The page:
Select Page

Opposition Párbeszéd, LMP demand hearings on govt residency bond scheme

Opposition Párbeszéd, LMP demand hearings on govt residency bond scheme

The opposition Párbeszéd and LMP parties on Monday called for convening parliament’s national security committee in connection with recent reports on the government’s residency bond scheme.

Speaking to reporters, Richárd Barabás, a spokesman for Párbeszéd, cited a report by news portal which said that influential Russian citizens, including politicians and the heads of state companies, had been granted permanent residence status in Hungary under the bond scheme.

Párbeszéd also demands that bond holders residing in Hungary should be banned from the country, Barabás said.

LMP called for convening parliament’s defence and law enforcement committee and hear officials of the national security services, the immigration office and the government.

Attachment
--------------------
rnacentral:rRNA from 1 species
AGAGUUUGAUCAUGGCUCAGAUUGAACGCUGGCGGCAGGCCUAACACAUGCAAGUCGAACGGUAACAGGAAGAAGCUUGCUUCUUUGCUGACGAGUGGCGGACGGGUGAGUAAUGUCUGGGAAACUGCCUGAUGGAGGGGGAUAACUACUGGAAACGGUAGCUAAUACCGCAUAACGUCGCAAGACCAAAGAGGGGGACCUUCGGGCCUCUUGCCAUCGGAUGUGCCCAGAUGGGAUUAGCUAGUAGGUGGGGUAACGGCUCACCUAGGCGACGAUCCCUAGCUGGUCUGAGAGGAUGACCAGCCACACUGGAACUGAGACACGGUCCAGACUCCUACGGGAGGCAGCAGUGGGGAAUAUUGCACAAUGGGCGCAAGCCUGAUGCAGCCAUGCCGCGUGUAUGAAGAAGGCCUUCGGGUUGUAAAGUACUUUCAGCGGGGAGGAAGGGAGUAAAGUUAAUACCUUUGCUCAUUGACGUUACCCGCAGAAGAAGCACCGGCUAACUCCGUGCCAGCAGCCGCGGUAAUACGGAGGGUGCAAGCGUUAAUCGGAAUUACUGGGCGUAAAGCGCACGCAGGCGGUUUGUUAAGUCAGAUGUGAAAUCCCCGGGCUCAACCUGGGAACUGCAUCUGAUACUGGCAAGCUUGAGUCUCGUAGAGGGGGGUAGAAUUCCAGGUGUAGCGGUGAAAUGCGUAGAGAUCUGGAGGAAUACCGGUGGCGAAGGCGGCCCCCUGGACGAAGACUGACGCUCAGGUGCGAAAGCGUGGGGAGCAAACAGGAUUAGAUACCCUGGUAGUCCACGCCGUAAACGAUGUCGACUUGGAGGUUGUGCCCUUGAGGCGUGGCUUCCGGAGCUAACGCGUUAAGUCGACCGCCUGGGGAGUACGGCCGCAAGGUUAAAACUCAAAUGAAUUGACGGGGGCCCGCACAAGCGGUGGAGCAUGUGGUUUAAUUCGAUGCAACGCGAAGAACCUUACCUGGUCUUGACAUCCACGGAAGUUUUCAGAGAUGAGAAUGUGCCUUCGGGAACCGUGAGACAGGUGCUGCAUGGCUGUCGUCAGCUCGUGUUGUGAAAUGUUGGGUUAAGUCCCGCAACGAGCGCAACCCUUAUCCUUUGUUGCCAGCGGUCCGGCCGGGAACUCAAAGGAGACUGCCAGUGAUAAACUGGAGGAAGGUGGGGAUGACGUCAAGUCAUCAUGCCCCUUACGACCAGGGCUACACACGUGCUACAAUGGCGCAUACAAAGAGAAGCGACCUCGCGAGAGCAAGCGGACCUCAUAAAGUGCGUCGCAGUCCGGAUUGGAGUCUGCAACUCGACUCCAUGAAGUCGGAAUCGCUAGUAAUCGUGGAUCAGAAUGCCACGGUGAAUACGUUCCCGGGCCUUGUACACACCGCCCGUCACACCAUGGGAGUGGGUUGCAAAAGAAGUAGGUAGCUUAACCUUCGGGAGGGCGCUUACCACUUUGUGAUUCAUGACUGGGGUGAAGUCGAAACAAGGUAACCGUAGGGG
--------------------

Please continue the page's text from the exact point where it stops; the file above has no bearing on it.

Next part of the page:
The Democratic Coalition said it would turn to the European Commission over the bond scheme citing security concerns.

“It constitutes a national security risk that the government had allowed terrorists, criminals and spies to enter into Hungary’s and the EU’s territory,” Zsolt Greczy, the party’s group leader, told a press conference.

He said that “the Fidesz government’s scheme had benefitted the chief of Russian intelligence and his family members and one of the key figures of the Russian mafia”.

The Hungarian Liberal Party also called for convening the national security committee. Lawmaker Anett Bősz told a press conference that the bond scheme had allowed some 20,000 individuals to enter Europe including Russian intelligence officials and business people “of dubious background”.

Under the scheme running from the summer of 2013 until March 2017, foreign nationals who bought securities from a licensed agent backed by the residency bonds could apply in an accelerated procedure for permanent residency in Hungary.

The threshold for the residency bond purchase was set at 250,000 euros early in the scheme and raised to 300,000 euros later on.

Featured image: MTI/EPA

Source: MTI

Leave a reply

Your email address will not be published.



Subscribe to our newsletter.

Social Media Auto Publish Powered By :

Pin It on Pinterest